Those interested in whether transit could work in Midcoast Maine will want to attend one of two upcoming public informational meetings.

On Monday, June 24 at the Rockland Public Library and again on Tuesday, June 25 in the Washington Street Conference Room in the Camden Opera House, the Midcoast Transit Committee and consultants from Nelson/Nygaard will roll out the first findings on potential transit in the region. Both meetings begin at 6:30 pm.

These public outreach sessions are intended to bring the public up to date on information gathered from the study’s online consumer survey, employer survey, data received from area transportation providers and research based on regional and national data. The meeting will include breakout groups so residents can help refine the information received from these sources.

“The reality of a daily transit system could exist for our Midcoast area, Camden to Thomaston, and this grant will provide the needed research to allow us to take the next step,” said Don White of Camden, chairman of the Midcoast Transit Committee, in a news release. “These two public sessions will give residents and businesses an opportunity to weigh in on the study’s findings to-date.”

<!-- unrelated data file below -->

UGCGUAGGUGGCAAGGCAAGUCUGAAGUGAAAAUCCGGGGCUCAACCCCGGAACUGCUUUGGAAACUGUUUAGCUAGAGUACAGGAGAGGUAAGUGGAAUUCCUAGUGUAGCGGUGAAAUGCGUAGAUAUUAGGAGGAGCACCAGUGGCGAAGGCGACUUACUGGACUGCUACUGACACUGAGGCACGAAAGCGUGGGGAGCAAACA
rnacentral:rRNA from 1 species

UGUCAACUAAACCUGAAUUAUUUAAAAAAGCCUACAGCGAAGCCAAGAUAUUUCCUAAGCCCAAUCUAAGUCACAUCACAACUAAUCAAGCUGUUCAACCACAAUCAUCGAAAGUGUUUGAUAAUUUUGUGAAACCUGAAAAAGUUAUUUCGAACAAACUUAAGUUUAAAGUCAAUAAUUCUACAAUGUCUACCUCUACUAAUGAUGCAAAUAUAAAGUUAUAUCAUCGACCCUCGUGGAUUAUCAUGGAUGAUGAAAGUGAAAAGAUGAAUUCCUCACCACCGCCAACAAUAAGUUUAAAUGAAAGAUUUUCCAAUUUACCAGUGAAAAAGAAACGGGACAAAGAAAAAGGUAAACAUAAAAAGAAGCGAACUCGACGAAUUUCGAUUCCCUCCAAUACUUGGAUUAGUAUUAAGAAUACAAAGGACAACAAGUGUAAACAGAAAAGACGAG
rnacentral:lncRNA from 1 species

Daily bus service ended in the Midcoast area in the late 1950s and attempts at seasonal daily transit have been short lived since then. However, during the past several years, localized daily transit systems have met with success in the Bar Harbor area, Augusta, York County, Bethel area and in the Sugarloaf area. Some of these systems are seasonal.

“While Coastal Trans and others offer services in our four town area, there has been increased talk of creating a bus or van daily transit system. In October of 2011, Lee Karker of Coastal Trans and Tim Sullivan of Rockland hosted a transit get-together at the Rockland Public Library and in January of this year, Nelson/Nygaard was hired to study the possibility of daily transit between our four towns,” White said.

“We’ll be talking about the details around the economics and ridership needs for putting together a successful transit system in a rural area,” Carol Morris, public outreach consultant for the study, said. “We think that will be of interest to people who are serious about transit here. There has already been an astounding response to the online survey,” she said, “and so we are looking forward to good turnout and lively discussion at both these meetings.”

The online survey about travel habits relating to a transit service is available on each of the four communities websites and at midcoastplanning.org in transit study section.

White said that, “a daily transit service might help families with no car or those with one car. It might help students getting around after school, and in the summer help visitors more easily get around our four town area.”

The transit study is also available through Facebook; study updates are posted at the Midcoast planning website.

Those who have questions about the meeting can email Carol Morris at cmorris@morriscomm.net or call 329-6502.